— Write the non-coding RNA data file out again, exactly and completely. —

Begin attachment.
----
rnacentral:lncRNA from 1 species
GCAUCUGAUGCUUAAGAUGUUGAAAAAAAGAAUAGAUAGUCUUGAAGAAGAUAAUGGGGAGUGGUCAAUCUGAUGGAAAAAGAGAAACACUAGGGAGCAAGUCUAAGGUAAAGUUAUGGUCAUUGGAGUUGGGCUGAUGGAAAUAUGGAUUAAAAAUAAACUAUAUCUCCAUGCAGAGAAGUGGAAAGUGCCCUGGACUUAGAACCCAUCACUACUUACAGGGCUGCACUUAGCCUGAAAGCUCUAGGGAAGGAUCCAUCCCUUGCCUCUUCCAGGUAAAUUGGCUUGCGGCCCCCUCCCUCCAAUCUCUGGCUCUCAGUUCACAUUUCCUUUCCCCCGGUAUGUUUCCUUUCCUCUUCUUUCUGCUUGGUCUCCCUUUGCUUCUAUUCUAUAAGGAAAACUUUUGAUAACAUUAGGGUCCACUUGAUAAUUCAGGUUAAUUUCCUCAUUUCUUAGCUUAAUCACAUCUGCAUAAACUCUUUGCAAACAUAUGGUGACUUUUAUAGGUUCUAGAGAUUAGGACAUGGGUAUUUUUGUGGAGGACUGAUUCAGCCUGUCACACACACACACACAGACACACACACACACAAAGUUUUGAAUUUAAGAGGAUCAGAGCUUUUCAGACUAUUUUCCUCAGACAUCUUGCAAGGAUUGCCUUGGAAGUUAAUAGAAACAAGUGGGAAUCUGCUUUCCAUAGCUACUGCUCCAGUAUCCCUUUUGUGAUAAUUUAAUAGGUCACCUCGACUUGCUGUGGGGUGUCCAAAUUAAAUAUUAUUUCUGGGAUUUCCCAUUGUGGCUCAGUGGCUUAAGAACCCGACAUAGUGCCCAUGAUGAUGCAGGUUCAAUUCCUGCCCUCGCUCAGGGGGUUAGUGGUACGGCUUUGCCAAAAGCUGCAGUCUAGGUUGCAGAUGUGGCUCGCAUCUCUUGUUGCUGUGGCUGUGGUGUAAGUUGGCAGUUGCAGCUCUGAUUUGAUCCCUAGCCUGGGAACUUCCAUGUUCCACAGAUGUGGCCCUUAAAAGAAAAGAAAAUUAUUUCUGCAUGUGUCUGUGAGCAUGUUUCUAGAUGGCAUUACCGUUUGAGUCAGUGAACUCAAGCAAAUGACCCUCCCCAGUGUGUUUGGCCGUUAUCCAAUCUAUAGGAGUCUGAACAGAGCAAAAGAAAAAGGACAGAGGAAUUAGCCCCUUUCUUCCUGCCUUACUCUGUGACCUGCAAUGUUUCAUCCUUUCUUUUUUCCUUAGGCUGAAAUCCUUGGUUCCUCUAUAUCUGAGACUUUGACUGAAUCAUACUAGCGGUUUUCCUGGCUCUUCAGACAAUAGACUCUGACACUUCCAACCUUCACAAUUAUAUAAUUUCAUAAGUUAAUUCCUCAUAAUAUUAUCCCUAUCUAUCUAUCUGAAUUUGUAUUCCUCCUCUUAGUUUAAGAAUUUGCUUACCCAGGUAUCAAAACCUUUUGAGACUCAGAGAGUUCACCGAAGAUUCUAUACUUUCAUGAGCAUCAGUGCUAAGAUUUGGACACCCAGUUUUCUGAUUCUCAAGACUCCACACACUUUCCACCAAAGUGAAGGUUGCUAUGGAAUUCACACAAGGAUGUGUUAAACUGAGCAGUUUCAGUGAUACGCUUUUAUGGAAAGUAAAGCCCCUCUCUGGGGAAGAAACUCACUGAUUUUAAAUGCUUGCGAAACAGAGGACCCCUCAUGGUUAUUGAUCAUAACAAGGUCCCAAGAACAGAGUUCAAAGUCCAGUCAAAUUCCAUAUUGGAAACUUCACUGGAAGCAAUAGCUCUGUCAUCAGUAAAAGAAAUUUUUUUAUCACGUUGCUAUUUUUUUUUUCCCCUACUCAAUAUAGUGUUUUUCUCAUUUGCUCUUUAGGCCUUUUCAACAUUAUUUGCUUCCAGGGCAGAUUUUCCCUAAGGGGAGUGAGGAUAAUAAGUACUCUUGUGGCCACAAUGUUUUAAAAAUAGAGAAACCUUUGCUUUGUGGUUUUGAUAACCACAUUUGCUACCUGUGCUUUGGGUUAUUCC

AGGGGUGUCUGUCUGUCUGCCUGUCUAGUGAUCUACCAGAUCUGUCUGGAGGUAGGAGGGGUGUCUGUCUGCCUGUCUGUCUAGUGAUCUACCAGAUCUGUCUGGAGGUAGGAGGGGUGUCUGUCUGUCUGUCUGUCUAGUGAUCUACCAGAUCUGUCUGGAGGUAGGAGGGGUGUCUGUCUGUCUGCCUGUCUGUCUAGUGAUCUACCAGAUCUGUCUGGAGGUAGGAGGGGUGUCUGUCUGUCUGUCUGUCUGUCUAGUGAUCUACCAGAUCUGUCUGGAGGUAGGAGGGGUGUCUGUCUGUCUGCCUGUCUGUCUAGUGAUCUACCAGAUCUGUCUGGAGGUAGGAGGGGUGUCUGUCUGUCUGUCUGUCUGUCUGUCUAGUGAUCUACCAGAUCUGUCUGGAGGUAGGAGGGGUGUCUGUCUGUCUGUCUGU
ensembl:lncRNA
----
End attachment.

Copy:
rnacentral:lncRNA from 1 species
GCAUCUGAUGCUUAAGAUGUUGAAAAAAAGAAUAGAUAGUCUUGAAGAAGAUAAUGGGGAGUGGUCAAUCUGAUGGAAAAAGAGAAACACUAGGGAGCAAGUCUAAGGUAAAGUUAUGGUCAUUGGAGUUGGGCUGAUGGAAAUAUGGAUUAAAAAUAAACUAUAUCUCCAUGCAGAGAAGUGGAAAGUGCCCUGGACUUAGAACCCAUCACUACUUACAGGGCUGCACUUAGCCUGAAAGCUCUAGGGAAGGAUCCAUCCCUUGCCUCUUCCAGGUAAAUUGGCUUGCGGCCCCCUCCCUCCAAUCUCUGGCUCUCAGUUCACAUUUCCUUUCCCCCGGUAUGUUUCCUUUCCUCUUCUUUCUGCUUGGUCUCCCUUUGCUUCUAUUCUAUAAGGAAAACUUUUGAUAACAUUAGGGUCCACUUGAUAAUUCAGGUUAAUUUCCUCAUUUCUUAGCUUAAUCACAUCUGCAUAAACUCUUUGCAAACAUAUGGUGACUUUUAUAGGUUCUAGAGAUUAGGACAUGGGUAUUUUUGUGGAGGACUGAUUCAGCCUGUCACACACACACACACAGACACACACACACACAAAGUUUUGAAUUUAAGAGGAUCAGAGCUUUUCAGACUAUUUUCCUCAGACAUCUUGCAAGGAUUGCCUUGGAAGUUAAUAGAAACAAGUGGGAAUCUGCUUUCCAUAGCUACUGCUCCAGUAUCCCUUUUGUGAUAAUUUAAUAGGUCACCUCGACUUGCUGUGGGGUGUCCAAAUUAAAUAUUAUUUCUGGGAUUUCCCAUUGUGGCUCAGUGGCUUAAGAACCCGACAUAGUGCCCAUGAUGAUGCAGGUUCAAUUCCUGCCCUCGCUCAGGGGGUUAGUGGUACGGCUUUGCCAAAAGCUGCAGUCUAGGUUGCAGAUGUGGCUCGCAUCUCUUGUUGCUGUGGCUGUGGUGUAAGUUGGCAGUUGCAGCUCUGAUUUGAUCCCUAGCCUGGGAACUUCCAUGUUCCACAGAUGUGGCCCUUAAAAGAAAAGAAAAUUAUUUCUGCAUGUGUCUGUGAGCAUGUUUCUAGAUGGCAUUACCGUUUGAGUCAGUGAACUCAAGCAAAUGACCCUCCCCAGUGUGUUUGGCCGUUAUCCAAUCUAUAGGAGUCUGAACAGAGCAAAAGAAAAAGGACAGAGGAAUUAGCCCCUUUCUUCCUGCCUUACUCUGUGACCUGCAAUGUUUCAUCCUUUCUUUUUUCCUUAGGCUGAAAUCCUUGGUUCCUCUAUAUCUGAGACUUUGACUGAAUCAUACUAGCGGUUUUCCUGGCUCUUCAGACAAUAGACUCUGACACUUCCAACCUUCACAAUUAUAUAAUUUCAUAAGUUAAUUCCUCAUAAUAUUAUCCCUAUCUAUCUAUCUGAAUUUGUAUUCCUCCUCUUAGUUUAAGAAUUUGCUUACCCAGGUAUCAAAACCUUUUGAGACUCAGAGAGUUCACCGAAGAUUCUAUACUUUCAUGAGCAUCAGUGCUAAGAUUUGGACACCCAGUUUUCUGAUUCUCAAGACUCCACACACUUUCCACCAAAGUGAAGGUUGCUAUGGAAUUCACACAAGGAUGUGUUAAACUGAGCAGUUUCAGUGAUACGCUUUUAUGGAAAGUAAAGCCCCUCUCUGGGGAAGAAACUCACUGAUUUUAAAUGCUUGCGAAACAGAGGACCCCUCAUGGUUAUUGAUCAUAACAAGGUCCCAAGAACAGAGUUCAAAGUCCAGUCAAAUUCCAUAUUGGAAACUUCACUGGAAGCAAUAGCUCUGUCAUCAGUAAAAGAAAUUUUUUUAUCACGUUGCUAUUUUUUUUUUCCCCUACUCAAUAUAGUGUUUUUCUCAUUUGCUCUUUAGGCCUUUUCAACAUUAUUUGCUUCCAGGGCAGAUUUUCCCUAAGGGGAGUGAGGAUAAUAAGUACUCUUGUGGCCACAAUGUUUUAAAAAUAGAGAAACCUUUGCUUUGUGGUUUUGAUAACCACAUUUGCUACCUGUGCUUUGGGUUAUUCC

AGGGGUGUCUGUCUGUCUGCCUGUCUAGUGAUCUACCAGAUCUGUCUGGAGGUAGGAGGGGUGUCUGUCUGCCUGUCUGUCUAGUGAUCUACCAGAUCUGUCUGGAGGUAGGAGGGGUGUCUGUCUGUCUGUCUGUCUAGUGAUCUACCAGAUCUGUCUGGAGGUAGGAGGGGUGUCUGUCUGUCUGCCUGUCUGUCUAGUGAUCUACCAGAUCUGUCUGGAGGUAGGAGGGGUGUCUGUCUGUCUGUCUGUCUGUCUAGUGAUCUACCAGAUCUGUCUGGAGGUAGGAGGGGUGUCUGUCUGUCUGCCUGUCUGUCUAGUGAUCUACCAGAUCUGUCUGGAGGUAGGAGGGGUGUCUGUCUGUCUGUCUGUCUGUCUGUCUAGUGAUCUACCAGAUCUGUCUGGAGGUAGGAGGGGUGUCUGUCUGUCUGUCUGU
ensembl:lncRNA